Ronald George Wreyford Norrish (1897 - 1978)

Picture of Ronald George Wreyford Norrish

Fellow of the College who won the Nobel Prize for Chemistry (with George Porter) in 1967

It was during the second year of the First World War that R. G. W. Norrish won an entrance scholarship to Emmanuel, from the Perse School. His coming up was thus delayed till 1919; but the interruption to his studies of service in France with the Royal Artillery and six months as a prisoner of war in Germany did not prevent his taking a double first in Natural Sciences. He began research in 1921 under E. K. Rideal, and soon became (as he remained) a pioneer in photochemistry. His other abiding scientific interest was in the mechanism of chain reactions such as combustion and the formation of plastics. He was an unusually skilled experimenter who always eschewed elaborate theoretical interpretations of his results; and this ensured that his papers (numbering over two hundred) have stood the test of time.

Norrish was elected a Research Fellow of Emmanuel in 1925; he was appointed a University lecturer in 1926, and Professor of Physical Chemistry in 1937. During the Second World War he turned his knowledge of chain reactions to problems such as the suppression of gun-flash, and fire hazards to balloons. Wartime technological advances in turn assisted his subsequent work on flash photolysis, for which he and another Fellow of Emmanuel, George Porter, were awarded the Nobel Prize in 1967.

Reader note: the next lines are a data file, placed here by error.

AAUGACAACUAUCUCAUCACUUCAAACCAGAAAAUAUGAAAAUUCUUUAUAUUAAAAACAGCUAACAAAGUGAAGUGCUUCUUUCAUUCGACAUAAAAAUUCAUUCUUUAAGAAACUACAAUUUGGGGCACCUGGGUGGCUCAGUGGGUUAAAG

The post-war years in Cambridge saw steady growth, under Norrish's guidance, in the size of the physical chemistry department, culminating in the move from Free School Lane (where its cramped quarters surrounded the former Perse School hall) to fine new laboratories in Lensfield Road, where spacious accommodation for the science was matched by that for the Professor.

Norrish was a man of immense energy, who worked hard and relaxed hard and expected other people to do the same. He enjoyed meeting people from other countries and walks of life, and this temperament found full play both in the extensive travels for which his scientific reputation gave him opportunities, and in the reciprocal entertainment of visitors to Cambridge - entertainment always warm and memorable, if sometimes overwhelming. He lived for much of his life in Park Terrace, adjacent to the grounds of the College, to which his lifelong devotion was marked by two characteristic bequests - one for the College library, the other for the purchase of silver wine-stoups and for gratuities for the College staff.